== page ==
Hiking In Vietnam: Lang Biang Mountain, Dalat (DIY Guide)

After running out of options on mountains to climb near Saigon, which there basically are only three (Black Virgin Mountain, Chua Chan Mountain and Dinh Mountain), I hopped on a bus and headed to the highlands of Da Lat, a popular tourist destination for both foreigners and locals in Vietnam. Vietnamese call Da Lat a “love city” for locals usually go there to have a romantic time with their partners. Being in the highland, the temperature is definitely lower than in Saigon which makes the ambiance more charming. However, I believe it’s not just for lovers but also for adventure-lovers. A bunch of outdoor activities can be done here such as canyoning, waterfall-chasing and since it’s a highland, mountain-climbing.  I went not for the city itself though, but for the peak northwest of it in an attempt in hiking Lang Biang Mountain.

View of Dalat City from Lang Biang Peak
View of Dalat City from Lang Biang Peak

Getting to Lang Biang

There are two popular bus companies that would take you to Da Lat but you only have to take note of the more convenient and less-complained about one which is Thành Bưởi in 430 Lê Hồng Phong, phường 1, District 10, not further away though from District 1. Fare is VND210k one way for a sleeper bus. You just need to get to the station to book the soonest leaving bus. I arrived there at 10pm and got a ticket from one of the ticketing tables for a 10:30pm trip. Buses depart at 15 minutes intervals even late at night. The staff are mostly non-English speaking so it might be hard to communicate a lot. Just say “Da Lat” and they know what to do. I suggest you figure out a way to request though that you be given the seat in front or middle where you don’t have to lie beside someone else, instead of the exrteme back where six beds are adjacent to each other. They’re pretty strict about seat numbers so you couldn’t change it once they’ve booked it. They will hand you a ticket which you will have to pay for once you’re already on the bus.

My trip only took 6 hours including the 2 stops the bus made for toilet and snack break. Sleeping was not very hard though. I just popped on my headphones with a travel playlist and I fell asleep just fine, occasionally waking up during stopovers. I was dropped of at the Thanh Buoi station in Da Lat and boy, weather sure doesn’t feel like I’m in Vietnam!

From the map above, you will find that the bus station going to Da Lat is just a short walk from Thanh Buoi dropoff. I went there knowing that the bus route should be Bus #5, however a Bus #3 arrived in which Lang Biang is printed at the side. So I assumed correctly that it’s heading to Lang Biang mountain. The last stop of the bus is right before the entrance of the park so don’t worry about missing it. Going back to Da Lat, the bus has a schedule to depart from Lang Biang park at 9:45am, 10:45am, 1:45pm, 2:45pm, 3:45pm and 4:45pm.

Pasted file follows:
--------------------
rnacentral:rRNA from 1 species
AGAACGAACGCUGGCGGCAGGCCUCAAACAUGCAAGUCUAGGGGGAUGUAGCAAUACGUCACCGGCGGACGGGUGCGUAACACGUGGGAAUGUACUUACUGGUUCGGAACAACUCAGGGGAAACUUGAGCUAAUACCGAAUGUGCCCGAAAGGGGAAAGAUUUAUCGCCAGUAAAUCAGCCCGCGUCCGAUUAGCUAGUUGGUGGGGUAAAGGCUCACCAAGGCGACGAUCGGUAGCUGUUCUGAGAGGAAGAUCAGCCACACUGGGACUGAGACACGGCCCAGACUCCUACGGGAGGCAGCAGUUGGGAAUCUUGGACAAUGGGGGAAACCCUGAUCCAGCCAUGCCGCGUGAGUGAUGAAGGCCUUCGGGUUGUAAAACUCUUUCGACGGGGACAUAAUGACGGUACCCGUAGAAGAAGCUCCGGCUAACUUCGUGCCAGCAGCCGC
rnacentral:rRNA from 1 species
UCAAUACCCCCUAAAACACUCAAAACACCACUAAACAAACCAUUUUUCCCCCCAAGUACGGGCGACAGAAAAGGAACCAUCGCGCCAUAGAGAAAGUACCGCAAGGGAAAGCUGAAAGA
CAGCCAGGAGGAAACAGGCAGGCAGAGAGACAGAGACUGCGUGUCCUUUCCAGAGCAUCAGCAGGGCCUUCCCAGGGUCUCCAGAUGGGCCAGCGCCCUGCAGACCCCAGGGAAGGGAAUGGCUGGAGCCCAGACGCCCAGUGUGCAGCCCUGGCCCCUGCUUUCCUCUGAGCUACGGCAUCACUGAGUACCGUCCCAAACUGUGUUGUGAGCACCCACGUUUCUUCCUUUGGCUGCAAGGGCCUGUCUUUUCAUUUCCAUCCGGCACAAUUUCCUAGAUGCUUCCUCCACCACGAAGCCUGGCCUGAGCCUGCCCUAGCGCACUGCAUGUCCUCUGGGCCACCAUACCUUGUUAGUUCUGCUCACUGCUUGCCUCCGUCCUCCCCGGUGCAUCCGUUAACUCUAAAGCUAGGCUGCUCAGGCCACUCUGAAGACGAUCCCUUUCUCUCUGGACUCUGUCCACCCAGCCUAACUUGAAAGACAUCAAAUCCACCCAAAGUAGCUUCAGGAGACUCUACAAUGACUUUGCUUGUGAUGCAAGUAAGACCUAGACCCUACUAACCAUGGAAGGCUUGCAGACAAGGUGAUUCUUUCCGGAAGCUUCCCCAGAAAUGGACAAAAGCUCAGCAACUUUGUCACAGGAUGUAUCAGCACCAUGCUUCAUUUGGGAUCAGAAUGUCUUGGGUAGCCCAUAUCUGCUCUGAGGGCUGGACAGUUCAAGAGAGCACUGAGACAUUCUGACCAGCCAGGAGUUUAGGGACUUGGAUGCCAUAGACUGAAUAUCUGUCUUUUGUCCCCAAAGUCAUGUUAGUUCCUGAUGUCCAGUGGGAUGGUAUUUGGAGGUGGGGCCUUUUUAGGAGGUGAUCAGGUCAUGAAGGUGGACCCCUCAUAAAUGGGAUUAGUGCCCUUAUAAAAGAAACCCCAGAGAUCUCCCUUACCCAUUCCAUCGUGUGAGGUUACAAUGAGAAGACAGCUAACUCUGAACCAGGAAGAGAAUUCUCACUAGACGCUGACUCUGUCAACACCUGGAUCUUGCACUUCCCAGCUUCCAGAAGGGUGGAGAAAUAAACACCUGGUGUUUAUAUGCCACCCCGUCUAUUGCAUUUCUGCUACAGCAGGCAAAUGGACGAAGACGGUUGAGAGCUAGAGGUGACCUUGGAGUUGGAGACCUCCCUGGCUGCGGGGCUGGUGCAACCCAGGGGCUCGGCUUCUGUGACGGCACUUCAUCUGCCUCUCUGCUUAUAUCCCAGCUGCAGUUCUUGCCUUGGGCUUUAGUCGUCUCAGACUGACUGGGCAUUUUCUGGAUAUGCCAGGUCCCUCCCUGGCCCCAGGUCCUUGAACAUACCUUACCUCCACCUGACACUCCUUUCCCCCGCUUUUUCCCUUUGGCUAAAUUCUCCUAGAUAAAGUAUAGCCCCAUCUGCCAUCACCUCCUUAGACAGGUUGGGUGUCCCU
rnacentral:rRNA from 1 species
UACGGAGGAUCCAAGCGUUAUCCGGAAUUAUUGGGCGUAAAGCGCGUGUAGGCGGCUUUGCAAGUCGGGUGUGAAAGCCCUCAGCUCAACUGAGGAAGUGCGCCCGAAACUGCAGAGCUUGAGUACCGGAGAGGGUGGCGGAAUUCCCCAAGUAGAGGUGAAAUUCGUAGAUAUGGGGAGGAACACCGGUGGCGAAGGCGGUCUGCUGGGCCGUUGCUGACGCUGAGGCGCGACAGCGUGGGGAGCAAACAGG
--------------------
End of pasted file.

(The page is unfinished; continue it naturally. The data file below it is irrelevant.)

Sunrise at Xuan Huong Lake

A night trip to Da Lat is just perfect if you’re a fan of sunrise. You’ll arrive to the city just an hour before the sun comes up. From Thanh Buoi bus stop, just follow your map to go to the side of the lake. Remember that the sun rises at the East so you wanna be at the west side of the lake to catch the sunrise reflecting on the water.  🙂

Sunrise at Xuan Huong Lake
Sunrise at Xuan Huong Lake
Sunrise at Xuan Huong Lake
Sunrise at Xuan Huong Lake

Hiking Lang Biang Mountain (2,167 MASL)

Difficulty: 4/9
Jumpoff: Lang Biang Park Entrance
Hours Required to Summit: 3-4 hours
Trail Distinction: Pine trees, forest, campsites, steep steps towards the summit

After satisfying my craving for sunrise, I went ahead to find a travel agency to rent my tent as I planned to camp at the peak. Most travel agencies offer packages to take you at the top but I’m not a fan of touristy climbs. I walked more to reach the bus stop for roue #5, and after eventually hopping on bus #3, I reached the entrance of Lang Biang park in 30-40 minutes!

Now once you enter the entrance, you will see a big Lang Biang signage, similar to Hollywood trademark, but smaller. There are three peaks: Radar peak, Unnamed Peak and the real summit which is Lang Biang Peak. The first one is very touristy, reachable by a chartered jeep on a paved road. The second one didn’t interest me at all as well so I headed for the true peak.

Lang Biang Map
Lang Biang Map

The map above shows two options going to the middle part of the trail. The left is the paved one which is used by the chartered jeeps. The one on the right though is a spectacular alternative for adventurers as you will find greenhouses, berry plantations and abundant pine trees! I suggest you take it. You will not get lost as long as you follow the path in your google maps. 🙂 (Can’t hike without it these days!). Should you decide to take this, you have to take the dusty trail on the right of the entrance as shown on the next photo.

Take the dusty path to the right to get rewarding trail.
Take the dusty path to the right to get rewarding trail.